The night before the colour run was my Dad’s 65th birthday celebration. We planned to stay in the city overnight so the kids wouldn’t have to leave the party too early, and so they could sleep a bit longer in the morning. I let them stay up for a while past their bed time then convinced them to go to bed. While sitting on the deck with some relatives I heard noises in the basement. I went in and discovered my three children running laps in the basement! At 10:30! “We’re training for the rainbow race!” I convinced them that they could train more effectively by sleeping, but the damage had been done. Kids who are used to almost twelve hours of sleep who suddenly get only eight hours of sleep are tired kids. Tired kids are cranky kids. Cranky kids are no fun for anyone.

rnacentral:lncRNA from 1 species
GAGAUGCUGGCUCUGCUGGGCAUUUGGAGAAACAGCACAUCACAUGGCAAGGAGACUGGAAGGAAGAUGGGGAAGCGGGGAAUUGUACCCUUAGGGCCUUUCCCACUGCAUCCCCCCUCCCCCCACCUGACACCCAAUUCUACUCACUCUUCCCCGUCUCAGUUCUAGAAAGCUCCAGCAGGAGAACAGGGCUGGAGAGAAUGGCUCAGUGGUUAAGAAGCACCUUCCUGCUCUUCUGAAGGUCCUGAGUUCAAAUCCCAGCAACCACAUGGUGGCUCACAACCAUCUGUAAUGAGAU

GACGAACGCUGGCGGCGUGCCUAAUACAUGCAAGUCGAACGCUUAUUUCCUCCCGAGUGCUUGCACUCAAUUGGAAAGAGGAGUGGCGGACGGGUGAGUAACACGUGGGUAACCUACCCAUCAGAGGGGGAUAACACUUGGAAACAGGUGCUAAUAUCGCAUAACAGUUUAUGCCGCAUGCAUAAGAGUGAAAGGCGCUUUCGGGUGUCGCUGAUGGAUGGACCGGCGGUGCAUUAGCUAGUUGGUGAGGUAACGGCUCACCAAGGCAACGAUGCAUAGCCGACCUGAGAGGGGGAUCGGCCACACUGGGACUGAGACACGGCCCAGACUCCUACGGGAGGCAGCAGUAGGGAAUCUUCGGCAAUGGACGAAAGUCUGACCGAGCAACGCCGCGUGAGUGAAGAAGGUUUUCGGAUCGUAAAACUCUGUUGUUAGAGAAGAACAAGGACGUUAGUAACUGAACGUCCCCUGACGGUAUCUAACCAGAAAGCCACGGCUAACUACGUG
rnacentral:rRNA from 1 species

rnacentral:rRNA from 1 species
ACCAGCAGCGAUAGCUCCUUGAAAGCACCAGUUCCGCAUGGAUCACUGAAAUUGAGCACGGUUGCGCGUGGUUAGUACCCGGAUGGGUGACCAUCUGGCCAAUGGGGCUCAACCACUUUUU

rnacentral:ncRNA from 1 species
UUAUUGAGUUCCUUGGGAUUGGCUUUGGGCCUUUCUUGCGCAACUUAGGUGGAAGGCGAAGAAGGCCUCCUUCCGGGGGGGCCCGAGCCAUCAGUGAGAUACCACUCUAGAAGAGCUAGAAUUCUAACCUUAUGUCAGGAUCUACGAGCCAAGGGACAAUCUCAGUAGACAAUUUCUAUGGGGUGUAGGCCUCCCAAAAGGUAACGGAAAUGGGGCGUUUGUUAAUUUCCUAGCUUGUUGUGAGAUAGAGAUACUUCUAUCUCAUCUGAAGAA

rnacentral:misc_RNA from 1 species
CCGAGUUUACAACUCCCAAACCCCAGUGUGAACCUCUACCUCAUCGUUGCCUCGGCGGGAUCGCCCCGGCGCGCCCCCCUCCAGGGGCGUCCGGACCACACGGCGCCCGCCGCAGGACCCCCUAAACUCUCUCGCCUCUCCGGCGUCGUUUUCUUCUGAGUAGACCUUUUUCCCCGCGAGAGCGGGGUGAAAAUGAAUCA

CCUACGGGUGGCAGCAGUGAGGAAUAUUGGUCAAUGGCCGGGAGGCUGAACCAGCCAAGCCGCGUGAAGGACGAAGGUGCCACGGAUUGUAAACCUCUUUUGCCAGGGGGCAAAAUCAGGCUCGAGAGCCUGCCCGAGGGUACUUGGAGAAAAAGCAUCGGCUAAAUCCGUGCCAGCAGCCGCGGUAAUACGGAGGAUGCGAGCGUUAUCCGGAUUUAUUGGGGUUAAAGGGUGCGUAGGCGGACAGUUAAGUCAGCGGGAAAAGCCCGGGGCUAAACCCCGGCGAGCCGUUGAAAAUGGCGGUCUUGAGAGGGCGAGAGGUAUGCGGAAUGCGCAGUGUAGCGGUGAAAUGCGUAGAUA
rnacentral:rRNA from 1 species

photo 2 (8)

photo 3 (10)

My cranky kids and I set off in the morning for the “rainbow race.” We saw some cousins there who were participating too, and my running buddy Glenda and her two sons. After the national anthem (yay!), we were off.

It became clear very soon that Alyssa, at six and a half years old, was going to out run the rest of us and not be content to wait along the way. I was glad for the trustworthy crowd when I lost sight of her before the two kilometer mark. (I did find her later, she’d joined the Saskatchewan Marathon 5K female winner on her run and almost lapped us! “Is this your Mom?” she asked. Um yes, sorry! She’s too fast for us! Lol.)

Found her!

Found her!

The boys thought the objective was to run through the colour stations as fast as possible, and the person with the least amount of colour on them would win. They sprinted through then thrilled to point out how much more colour I had on me than they did! They also tried to sneak around the back of a few volunteers to avoid their colour, but their giggling gave them away.